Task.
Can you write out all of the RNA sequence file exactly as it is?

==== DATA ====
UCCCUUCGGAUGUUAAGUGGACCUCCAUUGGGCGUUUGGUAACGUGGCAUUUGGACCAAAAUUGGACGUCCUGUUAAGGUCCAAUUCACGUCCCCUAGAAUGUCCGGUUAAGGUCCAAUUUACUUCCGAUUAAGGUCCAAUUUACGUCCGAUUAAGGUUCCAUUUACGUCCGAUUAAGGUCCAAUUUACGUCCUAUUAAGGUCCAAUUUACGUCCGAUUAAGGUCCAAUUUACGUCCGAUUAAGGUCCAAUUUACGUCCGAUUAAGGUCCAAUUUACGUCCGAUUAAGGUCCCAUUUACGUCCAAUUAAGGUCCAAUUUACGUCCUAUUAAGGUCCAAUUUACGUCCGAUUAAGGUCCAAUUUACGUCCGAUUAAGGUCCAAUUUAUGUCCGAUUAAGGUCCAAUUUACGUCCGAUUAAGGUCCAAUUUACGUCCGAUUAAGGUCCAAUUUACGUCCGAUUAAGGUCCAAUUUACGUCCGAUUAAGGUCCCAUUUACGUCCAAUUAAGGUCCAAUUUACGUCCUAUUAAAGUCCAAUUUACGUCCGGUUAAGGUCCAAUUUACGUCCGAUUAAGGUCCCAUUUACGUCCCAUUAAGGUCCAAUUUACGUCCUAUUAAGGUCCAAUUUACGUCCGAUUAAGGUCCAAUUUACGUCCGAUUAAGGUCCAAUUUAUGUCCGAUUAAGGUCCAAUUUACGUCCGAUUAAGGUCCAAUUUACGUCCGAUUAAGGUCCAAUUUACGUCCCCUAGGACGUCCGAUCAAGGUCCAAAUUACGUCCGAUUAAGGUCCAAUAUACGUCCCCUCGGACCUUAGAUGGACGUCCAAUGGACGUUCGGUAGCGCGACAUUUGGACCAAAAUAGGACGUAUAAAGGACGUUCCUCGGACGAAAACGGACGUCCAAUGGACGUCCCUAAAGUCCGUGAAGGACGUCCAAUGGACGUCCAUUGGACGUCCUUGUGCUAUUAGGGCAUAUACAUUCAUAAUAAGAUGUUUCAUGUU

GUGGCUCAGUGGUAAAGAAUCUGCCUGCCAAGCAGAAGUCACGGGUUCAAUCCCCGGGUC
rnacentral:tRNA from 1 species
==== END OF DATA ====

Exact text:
UCCCUUCGGAUGUUAAGUGGACCUCCAUUGGGCGUUUGGUAACGUGGCAUUUGGACCAAAAUUGGACGUCCUGUUAAGGUCCAAUUCACGUCCCCUAGAAUGUCCGGUUAAGGUCCAAUUUACUUCCGAUUAAGGUCCAAUUUACGUCCGAUUAAGGUUCCAUUUACGUCCGAUUAAGGUCCAAUUUACGUCCUAUUAAGGUCCAAUUUACGUCCGAUUAAGGUCCAAUUUACGUCCGAUUAAGGUCCAAUUUACGUCCGAUUAAGGUCCAAUUUACGUCCGAUUAAGGUCCCAUUUACGUCCAAUUAAGGUCCAAUUUACGUCCUAUUAAGGUCCAAUUUACGUCCGAUUAAGGUCCAAUUUACGUCCGAUUAAGGUCCAAUUUAUGUCCGAUUAAGGUCCAAUUUACGUCCGAUUAAGGUCCAAUUUACGUCCGAUUAAGGUCCAAUUUACGUCCGAUUAAGGUCCAAUUUACGUCCGAUUAAGGUCCCAUUUACGUCCAAUUAAGGUCCAAUUUACGUCCUAUUAAAGUCCAAUUUACGUCCGGUUAAGGUCCAAUUUACGUCCGAUUAAGGUCCCAUUUACGUCCCAUUAAGGUCCAAUUUACGUCCUAUUAAGGUCCAAUUUACGUCCGAUUAAGGUCCAAUUUACGUCCGAUUAAGGUCCAAUUUAUGUCCGAUUAAGGUCCAAUUUACGUCCGAUUAAGGUCCAAUUUACGUCCGAUUAAGGUCCAAUUUACGUCCCCUAGGACGUCCGAUCAAGGUCCAAAUUACGUCCGAUUAAGGUCCAAUAUACGUCCCCUCGGACCUUAGAUGGACGUCCAAUGGACGUUCGGUAGCGCGACAUUUGGACCAAAAUAGGACGUAUAAAGGACGUUCCUCGGACGAAAACGGACGUCCAAUGGACGUCCCUAAAGUCCGUGAAGGACGUCCAAUGGACGUCCAUUGGACGUCCUUGUGCUAUUAGGGCAUAUACAUUCAUAAUAAGAUGUUUCAUGUU

GUGGCUCAGUGGUAAAGAAUCUGCCUGCCAAGCAGAAGUCACGGGUUCAAUCCCCGGGUC
rnacentral:tRNA from 1 species